Just like Robert Novak and their mentor the Moose, the Mooselings have a low tolerance for bull.
Tell us what you really mean, they say. Enough with the semantics, they protest. Talk is cheap, get on with it.
With the current administration and its ongoing mismanagement of the situation in Iraq, the Mooselings' high standards and keen bull-detection abilities have been stressed as never before.
Sometimes, the Mooselings spot disappointing but amusing and absurd instances of bull. Remember, of course, the presumptuous Mission Accomplished banner from way back in the day; or, as New Donkey explores here and here, the confused linguistics debate over what exactly we ought to call this War or Struggle or Entanglement or Hoohahh or, you know, whatever.
Sometimes it is sad to consider the fact that Bush, who got elected by embracing the mantle of compassionate conservatism, has long abandoned compassion not only in his policies, but also in one of his most solemn duties, consoling the families of the fallen. The New York Times features one mother who encountered a strangely aloof President:
Mr. Bush, she said, acted as if he were at a party and behaved disrespectfully toward her by referring to her as "Mom" throughout the meeting.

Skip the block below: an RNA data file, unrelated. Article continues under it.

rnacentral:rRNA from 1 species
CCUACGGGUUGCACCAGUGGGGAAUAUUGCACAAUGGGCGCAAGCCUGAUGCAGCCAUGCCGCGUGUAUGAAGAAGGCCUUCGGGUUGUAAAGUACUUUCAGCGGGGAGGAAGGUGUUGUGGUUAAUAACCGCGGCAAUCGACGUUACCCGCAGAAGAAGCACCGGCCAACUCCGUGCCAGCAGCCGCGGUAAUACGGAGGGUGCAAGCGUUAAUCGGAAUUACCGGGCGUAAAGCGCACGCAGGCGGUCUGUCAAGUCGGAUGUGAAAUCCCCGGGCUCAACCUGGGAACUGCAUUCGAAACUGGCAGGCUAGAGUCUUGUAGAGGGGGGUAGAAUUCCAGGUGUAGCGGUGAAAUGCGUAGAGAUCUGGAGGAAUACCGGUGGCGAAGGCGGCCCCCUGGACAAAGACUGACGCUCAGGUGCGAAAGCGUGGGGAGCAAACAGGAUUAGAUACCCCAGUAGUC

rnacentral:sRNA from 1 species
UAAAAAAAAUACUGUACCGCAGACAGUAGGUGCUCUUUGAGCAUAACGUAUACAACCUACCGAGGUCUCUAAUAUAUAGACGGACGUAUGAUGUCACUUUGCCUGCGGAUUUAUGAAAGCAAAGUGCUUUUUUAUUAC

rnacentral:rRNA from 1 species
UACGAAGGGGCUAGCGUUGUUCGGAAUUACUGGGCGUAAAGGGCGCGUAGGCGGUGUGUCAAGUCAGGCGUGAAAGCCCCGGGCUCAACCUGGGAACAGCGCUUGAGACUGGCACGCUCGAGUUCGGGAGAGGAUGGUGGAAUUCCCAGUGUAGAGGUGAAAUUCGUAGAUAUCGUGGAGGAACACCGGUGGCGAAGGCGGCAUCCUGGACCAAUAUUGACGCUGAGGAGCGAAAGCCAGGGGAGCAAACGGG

By Ms. Sheehan's account, Mr. Bush said to her that he could not imagine losing a loved one like an aunt or uncle or cousin. Ms. Sheehan said she broke in and told Mr. Bush that Casey was her son, and that she thought he could imagine what it would be like since he has two daughters and that he should think about what it would be like sending them off to war.
More often than not though, the indifferent lip service and genuine-seeming talk reveals a disregard for the facts on the ground and a disrespect for those making the real sacrifices.
Today's USA Today reports that:
A Marine regiment that took heavy casualties last week in western Iraq -- including 19 killed from a Reserve unit headquartered in Ohio -- had repeatedly asked for about 1,000 more troops. Those requests were not granted.
Regimental Combat Team 2 began asking for additional troops to police its volatile 24,000-square-mile territory before most of its Marines deployed in February, said operations officer Lt. Col. Christopher Starling, 39, of Jacksonville, N.C.
Starling said the unit could "optimally" use one more battalion, about 1,000 troops, to take some of the pressure off the Reserve unit, which is spearheading an offensive in the region. "With a fourth battalion, I wouldn't have to play pick-up ball," Starling said.
Particularly offensive was Rumsfield spokesman's dismissive non-response response to Starling's claim:
Pentagon spokesman Larry DiRita said Sunday, "I don't doubt every colonel wishes he had more in his area, but the decisions about how troops are (deployed) are made by the commanders above them."
Our nation continues to pay a horrible price for its failure to secure Iraq. Despite President Bush's aggressive language about finishing the job we started there, the administration continues to show that its much better at offering top-quality bull than actually getting serious about winning the peace and protecting our soldiers.
-- The Mooselings --